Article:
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Gasoline prices keep falling

In California, the average price of regular dropped 5.1 cents to $2.89 a gallon in the last week. The U.S. average declined 6.5 cents for the week and 22.8 cents from the year's peak on June 22.

July 21, 2009|Ronald D. White

The average retail price of gasoline fell about 5 cents a gallon in California and nearly 7 cents nationwide over the last week, the Energy Department said Monday, as prices continued to recede from the highs of the year set June 22.

The average cost of a gallon of regular gasoline statewide dropped to $2.829, down 5.1 cents for the week and 17.6 cents since June 22, according to the Energy Department's weekly survey of filling stations. The U.S. average declined 6.5 cents to $2.463 a gallon, down 22.8 cents from its high for the year.

Crude oil prices rose 42 cents to $63.98 a barrel on the New York Mercantile Exchange, short of the important benchmark of $65 a barrel. Much of oil's movement was influenced by a weak dollar, analysts said. Crude also was buttressed by a strong day in global equity markets.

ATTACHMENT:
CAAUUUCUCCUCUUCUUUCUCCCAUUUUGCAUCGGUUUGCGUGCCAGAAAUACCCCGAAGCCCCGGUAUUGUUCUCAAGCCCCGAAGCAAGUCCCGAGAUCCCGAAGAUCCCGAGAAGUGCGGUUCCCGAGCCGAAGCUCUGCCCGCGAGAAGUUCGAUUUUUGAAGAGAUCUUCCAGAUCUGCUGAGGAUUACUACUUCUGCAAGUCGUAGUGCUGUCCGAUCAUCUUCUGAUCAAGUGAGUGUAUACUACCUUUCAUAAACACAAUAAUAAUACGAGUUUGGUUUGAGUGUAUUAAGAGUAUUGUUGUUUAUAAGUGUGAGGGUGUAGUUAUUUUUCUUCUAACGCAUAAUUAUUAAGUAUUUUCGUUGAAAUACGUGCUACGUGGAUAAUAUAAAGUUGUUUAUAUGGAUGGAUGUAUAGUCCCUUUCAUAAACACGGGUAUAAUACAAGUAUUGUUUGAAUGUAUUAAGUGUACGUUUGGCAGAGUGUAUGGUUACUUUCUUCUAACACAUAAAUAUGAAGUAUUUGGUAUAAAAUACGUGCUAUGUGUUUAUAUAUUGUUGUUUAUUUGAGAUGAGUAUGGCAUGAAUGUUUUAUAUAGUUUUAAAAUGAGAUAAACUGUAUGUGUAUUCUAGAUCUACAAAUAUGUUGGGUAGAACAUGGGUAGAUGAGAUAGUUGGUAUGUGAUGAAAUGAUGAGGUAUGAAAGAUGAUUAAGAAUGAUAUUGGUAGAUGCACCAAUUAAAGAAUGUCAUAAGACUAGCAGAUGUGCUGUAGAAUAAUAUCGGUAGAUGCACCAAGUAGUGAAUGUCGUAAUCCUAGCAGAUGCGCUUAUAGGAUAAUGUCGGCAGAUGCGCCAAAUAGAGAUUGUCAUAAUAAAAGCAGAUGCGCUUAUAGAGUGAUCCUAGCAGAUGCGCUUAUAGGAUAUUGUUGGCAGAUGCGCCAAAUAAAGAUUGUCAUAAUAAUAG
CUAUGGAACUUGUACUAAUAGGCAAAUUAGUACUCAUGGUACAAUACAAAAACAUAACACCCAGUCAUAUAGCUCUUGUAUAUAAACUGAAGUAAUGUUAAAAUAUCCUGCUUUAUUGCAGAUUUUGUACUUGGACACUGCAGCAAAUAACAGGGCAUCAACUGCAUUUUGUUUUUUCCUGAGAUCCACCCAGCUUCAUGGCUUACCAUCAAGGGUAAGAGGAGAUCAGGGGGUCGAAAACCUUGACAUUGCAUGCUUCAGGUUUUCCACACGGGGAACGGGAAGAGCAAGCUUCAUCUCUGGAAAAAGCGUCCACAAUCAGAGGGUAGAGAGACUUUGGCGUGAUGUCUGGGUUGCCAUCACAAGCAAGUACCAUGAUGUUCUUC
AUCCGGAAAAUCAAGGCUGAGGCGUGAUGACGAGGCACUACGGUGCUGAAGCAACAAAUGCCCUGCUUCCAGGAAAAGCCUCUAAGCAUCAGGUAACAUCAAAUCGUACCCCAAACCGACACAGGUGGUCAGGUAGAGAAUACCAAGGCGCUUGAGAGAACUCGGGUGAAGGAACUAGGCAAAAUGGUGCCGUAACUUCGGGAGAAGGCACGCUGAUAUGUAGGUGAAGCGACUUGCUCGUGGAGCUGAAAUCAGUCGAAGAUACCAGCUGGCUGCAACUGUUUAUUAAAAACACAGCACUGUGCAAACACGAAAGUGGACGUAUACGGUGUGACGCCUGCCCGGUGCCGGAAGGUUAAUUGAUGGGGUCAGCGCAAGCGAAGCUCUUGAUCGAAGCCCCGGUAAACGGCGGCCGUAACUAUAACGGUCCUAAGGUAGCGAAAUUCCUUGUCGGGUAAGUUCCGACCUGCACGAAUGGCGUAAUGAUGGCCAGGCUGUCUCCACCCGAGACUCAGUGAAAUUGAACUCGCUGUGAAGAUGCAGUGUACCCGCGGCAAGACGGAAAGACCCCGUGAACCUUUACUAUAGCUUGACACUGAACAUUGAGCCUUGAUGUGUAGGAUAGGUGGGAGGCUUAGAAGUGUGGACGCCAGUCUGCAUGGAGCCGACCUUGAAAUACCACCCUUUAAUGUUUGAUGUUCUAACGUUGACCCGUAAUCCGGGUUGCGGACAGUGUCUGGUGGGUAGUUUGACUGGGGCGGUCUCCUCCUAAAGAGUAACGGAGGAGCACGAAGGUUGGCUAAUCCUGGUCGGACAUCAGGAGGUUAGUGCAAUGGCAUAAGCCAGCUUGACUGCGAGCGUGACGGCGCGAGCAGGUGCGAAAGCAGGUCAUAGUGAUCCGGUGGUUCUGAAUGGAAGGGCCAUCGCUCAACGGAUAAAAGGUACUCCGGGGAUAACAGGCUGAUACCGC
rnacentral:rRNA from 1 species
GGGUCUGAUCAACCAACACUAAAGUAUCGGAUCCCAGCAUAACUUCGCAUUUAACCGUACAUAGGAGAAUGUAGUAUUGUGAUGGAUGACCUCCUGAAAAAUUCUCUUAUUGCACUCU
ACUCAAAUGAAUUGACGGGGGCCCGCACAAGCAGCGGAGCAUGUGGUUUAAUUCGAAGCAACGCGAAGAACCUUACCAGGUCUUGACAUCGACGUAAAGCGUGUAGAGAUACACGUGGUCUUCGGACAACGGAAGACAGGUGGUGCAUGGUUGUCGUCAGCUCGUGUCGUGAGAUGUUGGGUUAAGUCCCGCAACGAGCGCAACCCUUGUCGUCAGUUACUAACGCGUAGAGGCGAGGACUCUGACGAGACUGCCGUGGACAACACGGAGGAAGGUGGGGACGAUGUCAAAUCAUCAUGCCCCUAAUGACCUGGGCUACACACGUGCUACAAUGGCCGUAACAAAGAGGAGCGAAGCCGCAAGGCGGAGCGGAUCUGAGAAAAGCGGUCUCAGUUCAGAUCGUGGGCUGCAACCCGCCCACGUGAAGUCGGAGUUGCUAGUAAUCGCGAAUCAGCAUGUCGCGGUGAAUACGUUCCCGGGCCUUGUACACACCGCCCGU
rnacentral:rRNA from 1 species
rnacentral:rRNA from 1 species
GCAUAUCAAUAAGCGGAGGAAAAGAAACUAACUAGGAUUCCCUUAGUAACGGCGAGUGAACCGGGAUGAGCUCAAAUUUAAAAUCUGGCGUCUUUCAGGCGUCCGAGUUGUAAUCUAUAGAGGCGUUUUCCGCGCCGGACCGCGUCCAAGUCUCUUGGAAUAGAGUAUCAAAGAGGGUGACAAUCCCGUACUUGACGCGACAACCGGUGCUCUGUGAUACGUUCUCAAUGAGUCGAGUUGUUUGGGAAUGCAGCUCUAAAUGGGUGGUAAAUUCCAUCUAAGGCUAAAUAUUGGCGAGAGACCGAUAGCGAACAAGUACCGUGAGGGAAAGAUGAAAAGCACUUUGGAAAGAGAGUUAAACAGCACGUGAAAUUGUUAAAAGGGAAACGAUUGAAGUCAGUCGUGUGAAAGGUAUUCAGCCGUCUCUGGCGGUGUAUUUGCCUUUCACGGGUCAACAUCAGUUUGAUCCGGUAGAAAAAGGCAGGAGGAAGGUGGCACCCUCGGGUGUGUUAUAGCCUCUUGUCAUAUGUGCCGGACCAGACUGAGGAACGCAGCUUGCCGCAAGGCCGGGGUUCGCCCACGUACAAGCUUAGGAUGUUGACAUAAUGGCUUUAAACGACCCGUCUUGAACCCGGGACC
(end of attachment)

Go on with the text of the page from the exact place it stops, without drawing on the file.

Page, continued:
Another factor influencing investors was the weekend agreement on $3 billion in rescue financing for CIT Group Inc., a 101-year-old lender to small- to medium-sized businesses. CIT has been trying to stave off bankruptcy after it was hurt badly when credit markets froze up last year.

"This is a private-sector bailout that did not involve the government stepping in. I think it helped give the market a renewed sense of confidence that people are willing to step out and take chances of that magnitude," said Phil Flynn, vice president and senior market analyst for Alaron Trading Corp. in Chicago.

But another analyst saw no economic improvement any time soon. "You could have an economy that just keeps limping along rather than moving strongly," said James DiGeorgia, editor of the Gold and Energy Advisor newsletter. If that happens, DiGeorgia said, he would expect oil to keep trading at the low end of a $65- to $85-a-barrel range.

Flynn said the fragility of consumer confidence could be seen in driving statistics released Monday by the Transportation Department.

In May, U.S. motorists drove 257.3 billion miles, up 200 miles or 0.1% compared with a year earlier. That was despite gasoline prices that were significantly lower than they were in 2008. In April, the increase was 1.3 billion miles, or 0.5%.


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